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Factory Orders Decline, but Analysts See a Broad Strength

March 31, 1994|From Associated Press

WASHINGTON — A sharp drop in military and commercial aircraft sales in February caused the first decline in orders to U.S. factories since last summer.

Analysts said, however, that a close look at Wednesday's report from the Commerce Department discloses underlying strength in the manufacturing sector.

Orders to U.S. factories fell 1% in February, breaking a six-month string of advances, the department said. Orders for both durable and non-durable goods were a seasonally adjusted $269.9 billion, down from $272.6 billion in January.

"I would urge people to focus on the details of this report," said Marilyn Schaja, an economist with Donaldson, Lufkin & Jenrette Securities Corp. in New York. Without the highly volatile military and aircraft orders figures, she said, "It was the eighth increase over the last nine months."

Orders for non-defense capital goods, excluding aircraft, rose 4.9% in February. These orders often are a barometer of business plans to expand and modernize.

Economists for Merrill Lynch & Co. said they are encouraged that new orders for computers and communications equipment, possibly a better indicator of manufacturing growth, rebounded in February after a January drop.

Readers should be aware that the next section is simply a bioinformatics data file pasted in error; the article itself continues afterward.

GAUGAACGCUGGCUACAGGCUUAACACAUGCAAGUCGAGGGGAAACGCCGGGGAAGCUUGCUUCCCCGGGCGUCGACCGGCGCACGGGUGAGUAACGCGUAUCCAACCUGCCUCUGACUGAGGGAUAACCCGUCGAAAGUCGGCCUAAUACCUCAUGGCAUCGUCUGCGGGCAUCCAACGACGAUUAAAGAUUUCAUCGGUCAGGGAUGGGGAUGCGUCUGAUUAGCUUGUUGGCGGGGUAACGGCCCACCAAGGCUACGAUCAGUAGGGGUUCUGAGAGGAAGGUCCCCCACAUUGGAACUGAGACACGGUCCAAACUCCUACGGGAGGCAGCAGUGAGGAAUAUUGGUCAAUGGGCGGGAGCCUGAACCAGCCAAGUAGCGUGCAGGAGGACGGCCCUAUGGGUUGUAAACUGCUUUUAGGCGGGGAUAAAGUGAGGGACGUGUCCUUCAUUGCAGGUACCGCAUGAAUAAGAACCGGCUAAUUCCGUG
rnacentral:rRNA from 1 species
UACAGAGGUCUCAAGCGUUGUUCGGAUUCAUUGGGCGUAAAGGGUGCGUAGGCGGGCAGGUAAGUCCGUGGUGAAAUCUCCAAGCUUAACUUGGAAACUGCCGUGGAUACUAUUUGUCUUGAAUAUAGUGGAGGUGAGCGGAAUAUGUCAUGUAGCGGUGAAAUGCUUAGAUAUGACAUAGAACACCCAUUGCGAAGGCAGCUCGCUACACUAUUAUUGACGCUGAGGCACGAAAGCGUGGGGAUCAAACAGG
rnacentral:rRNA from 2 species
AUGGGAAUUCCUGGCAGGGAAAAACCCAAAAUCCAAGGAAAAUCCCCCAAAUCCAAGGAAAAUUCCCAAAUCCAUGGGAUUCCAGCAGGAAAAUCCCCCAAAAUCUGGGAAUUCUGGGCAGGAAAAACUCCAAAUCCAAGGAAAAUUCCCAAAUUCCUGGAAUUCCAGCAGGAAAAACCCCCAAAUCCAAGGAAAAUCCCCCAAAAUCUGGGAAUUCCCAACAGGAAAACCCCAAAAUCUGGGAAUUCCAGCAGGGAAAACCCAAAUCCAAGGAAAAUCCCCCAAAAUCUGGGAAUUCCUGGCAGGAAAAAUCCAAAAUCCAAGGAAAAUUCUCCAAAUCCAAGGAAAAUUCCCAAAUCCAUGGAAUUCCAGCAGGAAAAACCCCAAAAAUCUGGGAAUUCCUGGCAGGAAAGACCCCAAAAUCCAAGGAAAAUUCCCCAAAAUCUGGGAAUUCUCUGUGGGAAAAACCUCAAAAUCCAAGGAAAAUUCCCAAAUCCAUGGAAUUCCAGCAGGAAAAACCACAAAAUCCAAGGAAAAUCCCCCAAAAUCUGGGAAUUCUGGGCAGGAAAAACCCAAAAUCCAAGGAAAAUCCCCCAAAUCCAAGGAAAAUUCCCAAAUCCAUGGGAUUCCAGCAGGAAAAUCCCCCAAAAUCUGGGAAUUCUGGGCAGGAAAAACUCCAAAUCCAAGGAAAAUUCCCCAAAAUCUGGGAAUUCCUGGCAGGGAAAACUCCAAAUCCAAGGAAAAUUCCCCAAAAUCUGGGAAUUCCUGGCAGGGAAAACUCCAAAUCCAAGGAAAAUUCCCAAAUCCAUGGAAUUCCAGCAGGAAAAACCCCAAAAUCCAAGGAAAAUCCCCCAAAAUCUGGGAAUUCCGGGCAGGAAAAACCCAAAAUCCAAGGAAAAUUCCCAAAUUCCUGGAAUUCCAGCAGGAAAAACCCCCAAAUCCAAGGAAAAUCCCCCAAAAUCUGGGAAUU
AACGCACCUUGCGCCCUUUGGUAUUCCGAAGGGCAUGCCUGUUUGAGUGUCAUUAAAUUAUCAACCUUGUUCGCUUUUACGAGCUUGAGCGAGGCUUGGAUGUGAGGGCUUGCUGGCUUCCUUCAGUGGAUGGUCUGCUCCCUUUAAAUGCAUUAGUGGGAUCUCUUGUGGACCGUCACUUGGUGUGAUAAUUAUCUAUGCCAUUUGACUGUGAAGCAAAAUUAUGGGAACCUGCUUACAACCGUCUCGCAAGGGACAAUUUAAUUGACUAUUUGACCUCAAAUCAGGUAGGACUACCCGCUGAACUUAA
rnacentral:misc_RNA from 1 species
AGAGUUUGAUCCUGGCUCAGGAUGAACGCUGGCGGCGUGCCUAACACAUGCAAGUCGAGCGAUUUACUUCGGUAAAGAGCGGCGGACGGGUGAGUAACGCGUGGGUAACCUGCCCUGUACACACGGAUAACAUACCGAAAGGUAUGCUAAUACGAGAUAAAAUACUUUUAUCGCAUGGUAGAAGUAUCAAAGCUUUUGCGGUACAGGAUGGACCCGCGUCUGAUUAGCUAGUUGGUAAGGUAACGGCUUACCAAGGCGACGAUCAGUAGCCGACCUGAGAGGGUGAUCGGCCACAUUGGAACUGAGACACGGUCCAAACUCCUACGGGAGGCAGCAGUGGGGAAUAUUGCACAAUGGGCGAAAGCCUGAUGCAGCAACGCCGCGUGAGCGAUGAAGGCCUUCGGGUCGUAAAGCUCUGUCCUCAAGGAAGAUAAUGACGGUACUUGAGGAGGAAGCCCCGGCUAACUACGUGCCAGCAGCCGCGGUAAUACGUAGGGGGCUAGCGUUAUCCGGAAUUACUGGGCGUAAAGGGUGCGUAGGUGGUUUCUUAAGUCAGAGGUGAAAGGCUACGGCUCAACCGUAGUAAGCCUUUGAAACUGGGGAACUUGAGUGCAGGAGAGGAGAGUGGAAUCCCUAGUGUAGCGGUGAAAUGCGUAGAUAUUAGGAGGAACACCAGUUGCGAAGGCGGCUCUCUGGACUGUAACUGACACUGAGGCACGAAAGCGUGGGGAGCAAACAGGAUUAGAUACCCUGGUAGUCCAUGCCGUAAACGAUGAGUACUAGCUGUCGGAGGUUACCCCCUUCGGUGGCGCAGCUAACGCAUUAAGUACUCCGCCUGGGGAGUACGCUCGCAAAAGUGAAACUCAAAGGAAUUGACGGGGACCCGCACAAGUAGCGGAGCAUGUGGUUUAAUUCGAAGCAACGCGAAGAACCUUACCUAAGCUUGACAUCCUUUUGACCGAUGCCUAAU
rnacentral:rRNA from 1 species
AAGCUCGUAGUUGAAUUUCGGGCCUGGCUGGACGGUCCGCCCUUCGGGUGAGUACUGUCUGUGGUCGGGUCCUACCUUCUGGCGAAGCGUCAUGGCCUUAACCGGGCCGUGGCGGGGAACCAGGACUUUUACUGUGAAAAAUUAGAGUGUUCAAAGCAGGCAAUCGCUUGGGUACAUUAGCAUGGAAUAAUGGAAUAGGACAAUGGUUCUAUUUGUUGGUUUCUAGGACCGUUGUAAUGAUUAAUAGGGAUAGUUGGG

The stormy winter weather in much of the nation also may have caused disruptions that held down February orders, analysts said.

Until February, orders had risen every month since last July, when they declined 1.9% .

Inventories in February rose 0.3% to $380 billion, the second straight increase and matching the rise in January.

"It's a turning point," said Michael P. Niemira of Mitsubishi Bank in New York City. "Manufacturers have been extremely reluctant to increase inventories. Now they seem to be just starting to accept that demand is up and will continue to be up."

The small increases in inventories likely will reinforce economic growth and manufacturing employment in coming months, analysts said. The buildup may have been caused by weather disruptions, not an underlying drop in demand, they said.

The backlog of unfilled orders fell 0.3% to $445 billion, the 11th decline in the last 12 months. The orders backlog, often seen as a measure of whether current facilities and manpower are able to keep up with demand, rose 0.6% in January.

Manufacturing has been a mainstay of economic expansion in the last three months of 1993.

Factory Orders

Total new orders in billions of dollars, seasonally adjusted

Feb., '94: 269.9

Source: Commerce Department

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